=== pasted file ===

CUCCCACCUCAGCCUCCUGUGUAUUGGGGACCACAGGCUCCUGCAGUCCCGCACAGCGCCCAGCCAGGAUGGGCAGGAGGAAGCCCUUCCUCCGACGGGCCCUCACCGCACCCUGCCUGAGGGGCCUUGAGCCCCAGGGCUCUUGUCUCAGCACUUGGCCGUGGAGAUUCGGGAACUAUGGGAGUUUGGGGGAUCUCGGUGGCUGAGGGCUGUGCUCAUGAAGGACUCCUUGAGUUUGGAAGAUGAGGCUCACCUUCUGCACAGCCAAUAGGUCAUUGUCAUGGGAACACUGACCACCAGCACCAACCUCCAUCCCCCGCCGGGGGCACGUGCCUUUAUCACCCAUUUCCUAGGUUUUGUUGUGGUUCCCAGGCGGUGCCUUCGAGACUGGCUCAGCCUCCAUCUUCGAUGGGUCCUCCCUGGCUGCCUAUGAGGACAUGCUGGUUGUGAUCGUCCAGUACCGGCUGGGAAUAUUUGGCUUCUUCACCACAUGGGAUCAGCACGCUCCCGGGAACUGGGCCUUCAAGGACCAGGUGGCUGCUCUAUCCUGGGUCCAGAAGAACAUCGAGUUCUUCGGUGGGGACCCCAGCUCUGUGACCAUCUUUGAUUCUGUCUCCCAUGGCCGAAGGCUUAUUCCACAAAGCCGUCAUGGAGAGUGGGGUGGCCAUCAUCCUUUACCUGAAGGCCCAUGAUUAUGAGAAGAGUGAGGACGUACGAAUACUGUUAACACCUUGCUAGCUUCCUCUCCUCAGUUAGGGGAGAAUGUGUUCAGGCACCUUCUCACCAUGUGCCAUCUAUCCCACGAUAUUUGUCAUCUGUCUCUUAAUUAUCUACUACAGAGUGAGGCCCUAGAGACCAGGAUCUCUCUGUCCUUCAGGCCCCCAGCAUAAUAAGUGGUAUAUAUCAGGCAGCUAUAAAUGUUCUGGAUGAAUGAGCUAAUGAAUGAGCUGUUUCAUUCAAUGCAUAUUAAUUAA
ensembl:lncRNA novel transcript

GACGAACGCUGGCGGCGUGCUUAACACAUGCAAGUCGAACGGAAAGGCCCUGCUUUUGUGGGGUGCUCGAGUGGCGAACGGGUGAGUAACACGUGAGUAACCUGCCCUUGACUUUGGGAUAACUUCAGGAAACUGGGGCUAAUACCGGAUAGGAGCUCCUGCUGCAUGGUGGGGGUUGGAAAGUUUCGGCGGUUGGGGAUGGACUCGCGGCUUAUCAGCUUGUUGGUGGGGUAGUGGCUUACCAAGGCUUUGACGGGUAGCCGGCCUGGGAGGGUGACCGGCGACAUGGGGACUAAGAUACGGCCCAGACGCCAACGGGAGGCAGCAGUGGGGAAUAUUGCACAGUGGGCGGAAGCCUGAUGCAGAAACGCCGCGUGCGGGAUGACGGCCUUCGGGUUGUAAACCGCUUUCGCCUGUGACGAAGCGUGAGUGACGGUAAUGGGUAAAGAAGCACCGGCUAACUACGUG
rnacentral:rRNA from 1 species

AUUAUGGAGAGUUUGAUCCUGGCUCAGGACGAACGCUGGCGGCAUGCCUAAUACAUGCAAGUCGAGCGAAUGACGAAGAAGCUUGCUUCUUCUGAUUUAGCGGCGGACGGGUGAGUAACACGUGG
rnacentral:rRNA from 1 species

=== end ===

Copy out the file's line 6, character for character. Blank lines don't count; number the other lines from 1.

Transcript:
rnacentral:rRNA from 1 species